A federal mortgage relief program called the Hardest Hit Fund provided money to 18 states and the District of Columbia to help struggling homeowners avoid foreclosure. The program, which has been extended through the year 2020, provides various foreclosure avoidance options to homeowners, like mortgage payment assistance, reinstatement assistance, and transition assistance. Keep reading to find out if your state offers help to homeowners under the Hardest Hit Fund and find out what kind of assistance might be available to save your home from foreclosure.
The Hardest Hit Fund is part of the government’s Making Home Affordable (MHA) initiative that began in 2009. While most homeowner relief programs under MHA, like HAMP, are no longer available, the Hardest Hit Fund programs are still around. (The Making Home Affordable Refinance Program is also still available.)
In February 2010, the U.S. Department of the Treasury created the Hardest Hit Fund to provide targeted aid to homeowners in those states most affected by the housing market crash. As part of this program, $7.6 billion in aid was allocated to 18 states, plus the District of Columbia. These states (and D.C.) experienced the most extreme home price declines—more than 20%—as well as high unemployment rates, as a result of the economic crisis. In 2015, Congress has committed to provide another $2 billion to the federal Hardest Hit Fund, which means the program will continue through 2020.
The states that received funds and set up Hardest Hit Fund programs are: Alabama, Arizona, California, Florida, Georgia, Illinois, Indiana, Kentucky, Michigan, Mississippi, Nevada, New Jersey, North Carolina, Ohio, Oregon, Rhode Island, South Carolina, Tennessee, and Washington D.C.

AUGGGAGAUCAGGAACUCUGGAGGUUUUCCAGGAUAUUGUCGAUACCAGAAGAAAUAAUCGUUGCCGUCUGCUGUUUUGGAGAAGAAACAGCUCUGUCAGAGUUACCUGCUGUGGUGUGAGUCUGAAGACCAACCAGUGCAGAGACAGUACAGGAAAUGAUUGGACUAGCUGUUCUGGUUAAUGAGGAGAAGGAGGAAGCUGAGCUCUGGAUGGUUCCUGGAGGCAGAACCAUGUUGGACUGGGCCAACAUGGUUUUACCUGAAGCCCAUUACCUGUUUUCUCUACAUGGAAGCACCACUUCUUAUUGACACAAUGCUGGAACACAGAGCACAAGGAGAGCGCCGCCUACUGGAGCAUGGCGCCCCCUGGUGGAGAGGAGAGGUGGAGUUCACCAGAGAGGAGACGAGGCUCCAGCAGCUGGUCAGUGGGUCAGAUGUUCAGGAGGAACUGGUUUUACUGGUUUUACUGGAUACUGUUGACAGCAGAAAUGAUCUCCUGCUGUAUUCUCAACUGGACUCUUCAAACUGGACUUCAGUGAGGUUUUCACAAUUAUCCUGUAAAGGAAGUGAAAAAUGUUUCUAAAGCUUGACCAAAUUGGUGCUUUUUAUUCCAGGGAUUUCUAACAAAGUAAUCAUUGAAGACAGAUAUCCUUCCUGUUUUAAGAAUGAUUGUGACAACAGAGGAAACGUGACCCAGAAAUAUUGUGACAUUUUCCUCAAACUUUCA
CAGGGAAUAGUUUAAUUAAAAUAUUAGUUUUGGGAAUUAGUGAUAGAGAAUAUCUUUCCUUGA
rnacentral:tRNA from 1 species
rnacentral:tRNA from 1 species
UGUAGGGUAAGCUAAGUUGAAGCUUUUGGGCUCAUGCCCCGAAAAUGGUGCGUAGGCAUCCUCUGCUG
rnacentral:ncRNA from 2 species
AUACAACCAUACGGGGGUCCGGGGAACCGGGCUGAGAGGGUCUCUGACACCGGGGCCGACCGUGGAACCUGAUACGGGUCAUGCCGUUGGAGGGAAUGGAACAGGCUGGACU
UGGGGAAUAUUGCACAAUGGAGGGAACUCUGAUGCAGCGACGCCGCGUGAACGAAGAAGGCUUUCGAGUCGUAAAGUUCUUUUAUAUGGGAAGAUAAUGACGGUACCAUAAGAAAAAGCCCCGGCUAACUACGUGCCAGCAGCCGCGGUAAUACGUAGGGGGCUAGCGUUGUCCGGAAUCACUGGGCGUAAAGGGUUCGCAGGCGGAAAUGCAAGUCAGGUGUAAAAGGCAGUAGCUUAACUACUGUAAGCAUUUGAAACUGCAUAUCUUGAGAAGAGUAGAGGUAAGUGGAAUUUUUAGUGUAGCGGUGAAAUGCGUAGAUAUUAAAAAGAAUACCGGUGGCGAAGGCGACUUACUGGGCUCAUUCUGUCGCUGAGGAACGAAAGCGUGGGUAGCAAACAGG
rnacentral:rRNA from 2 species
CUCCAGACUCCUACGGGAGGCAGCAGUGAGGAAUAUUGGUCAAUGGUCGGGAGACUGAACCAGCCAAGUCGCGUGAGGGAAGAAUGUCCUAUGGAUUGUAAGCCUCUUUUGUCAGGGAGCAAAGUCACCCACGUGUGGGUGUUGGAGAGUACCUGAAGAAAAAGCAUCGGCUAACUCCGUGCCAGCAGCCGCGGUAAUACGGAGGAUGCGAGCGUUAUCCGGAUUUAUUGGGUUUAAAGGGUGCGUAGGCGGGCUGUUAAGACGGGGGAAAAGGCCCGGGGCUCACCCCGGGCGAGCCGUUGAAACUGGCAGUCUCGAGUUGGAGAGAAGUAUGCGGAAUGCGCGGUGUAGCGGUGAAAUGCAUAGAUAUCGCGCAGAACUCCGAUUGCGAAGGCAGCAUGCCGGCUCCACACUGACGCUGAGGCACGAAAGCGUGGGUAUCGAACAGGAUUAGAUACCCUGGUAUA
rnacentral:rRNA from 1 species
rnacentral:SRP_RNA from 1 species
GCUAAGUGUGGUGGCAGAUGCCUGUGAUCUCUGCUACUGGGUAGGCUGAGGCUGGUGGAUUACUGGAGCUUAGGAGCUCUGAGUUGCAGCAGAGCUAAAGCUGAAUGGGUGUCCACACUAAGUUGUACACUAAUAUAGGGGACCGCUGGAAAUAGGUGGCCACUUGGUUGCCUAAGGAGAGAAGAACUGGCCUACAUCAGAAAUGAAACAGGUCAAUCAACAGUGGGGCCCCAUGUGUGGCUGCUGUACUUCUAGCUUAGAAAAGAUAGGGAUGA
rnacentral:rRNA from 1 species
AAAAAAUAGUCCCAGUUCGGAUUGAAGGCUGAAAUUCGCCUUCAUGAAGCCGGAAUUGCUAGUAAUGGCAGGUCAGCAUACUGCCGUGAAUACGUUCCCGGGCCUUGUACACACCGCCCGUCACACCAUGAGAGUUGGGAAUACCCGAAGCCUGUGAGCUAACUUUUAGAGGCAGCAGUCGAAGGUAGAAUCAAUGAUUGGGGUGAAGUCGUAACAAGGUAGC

Each state (and D.C.) developed its own programs to help homeowners facing foreclosure. Generally, the programs involve:
In many of the state programs, the homeowner receives assistance in the form of a 0% interest loan that is paid directly to the servicer (the company that handles the mortgage account). The loan is typically forgivable over a specified time period—meaning the homeowner won’t have to repay it, so long as certain conditions are met—generally at a rate of 20% over five years.
Eligibility requirements vary widely from state to state and between different state-specific programs, but generally the requirements are as follows:
To find out how to apply for assistance from a program in your state, go to the U.S. Department of the Treasury’s Hardest Hit Fund webpage. Find the link to your state's program and go there to learn more about available options and how you can submit an application. (Beware of scammer copycat web sites posing as Hardest Hit Fund application sites. The Hardest Hit Fund programs never charge a fee for their services. You do not need to pay anyone to prepare or submit an application for assistance.)
Be aware that some states, like Mississippi, are not currently accepting new applications. However, if additional funds become available, a closed program may reopen. This has happened with some other state assistance programs.
If you have additional questions about the Hardest Hit Fund, call 888-995-HOPE (4673) to speak with a HUD-approved housing counselor.
The Making Home Affordable website also provides information about the Hardest Hit Fund. You can find links to each of the state programs on the MHA website.